Alright, so let’s move onto what keeps you busy professionally?
My hand lettering is why most clients find out about Paper Pastries. From wedding invitations to custom return address stamps, my hand writing is the personal touch that gets noticed. It has definitely evolved and changed over the years- I now offer about 12 different lettering styles.  Sometimes I laugh when I see my earliest work but I’m also proud because it shows my growth and progress. I’m never satisfied with my work. I know that sounds defeatist and depressing but that attitude is what motivates me.  I always want to take workshops and read books about hand lettering and type design to learn from what others are doing and inspire me to continue to grow.

If you had a friend visiting you, what are some of the local spots you’d want to take them around to?
All of my trips revolve around food, drinks, and snacks. Every time a friend comes to visit our itinerary revolves around meals and happy hours. DOWNTOWN- Hong Kong milk tea at Cafe dulce and a donut if you’re feeling it. Eggslut breakfast sandwich if you want savory. Hand rolls and matcha iced tea at Kazu Nori. Happy hour at birds & bees. Late night burgers at Buddys. Ice cream at salt and straw in the arts district. DTLA cheese is my go to whenever I need a cheese platter to impress, Lydia the owner will curate a selection for you and it is always perfection. Coffee milkshake at G&B coffee. Honeymee ice cream in Little Tokyo. Oysters and wine at Oyster Gourmet in Grand Central Market. Rooftop drinks at the Ace Hotel. Last Book Store, Downtown LA Library, Bradbury Building. LA flower market (closes early) MOCA, The Broad, Grand Park. See if there’s anything playing at the Mark Taper Forum. You can go up in the tower of City Hall during the week and see an amazing view of the city.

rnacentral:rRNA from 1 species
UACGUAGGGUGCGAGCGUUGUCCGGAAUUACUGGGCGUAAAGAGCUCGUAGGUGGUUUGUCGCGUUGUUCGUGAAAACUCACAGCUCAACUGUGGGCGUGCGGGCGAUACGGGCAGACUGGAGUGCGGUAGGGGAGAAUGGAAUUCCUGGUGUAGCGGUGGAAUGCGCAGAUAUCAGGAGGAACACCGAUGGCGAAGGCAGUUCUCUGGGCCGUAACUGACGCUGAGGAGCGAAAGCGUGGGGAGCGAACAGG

Shoutout is all about shouting out others who you feel deserve additional recognition and exposure. Who would you like to shoutout?
My sister Katie who always answers my frantic calls/texts/emails.

Website: https://paperpastries.com/
Instagram: https://www.instagram.com/paperpastries/
Other: https://www.pinterest.com/paperpastries/_shop/

Nominate Someone: ShoutoutLA is built on recommendations and shoutouts from the community; it’s how we uncover hidden gems, so if you or someone you know deserves recognition please let us know here.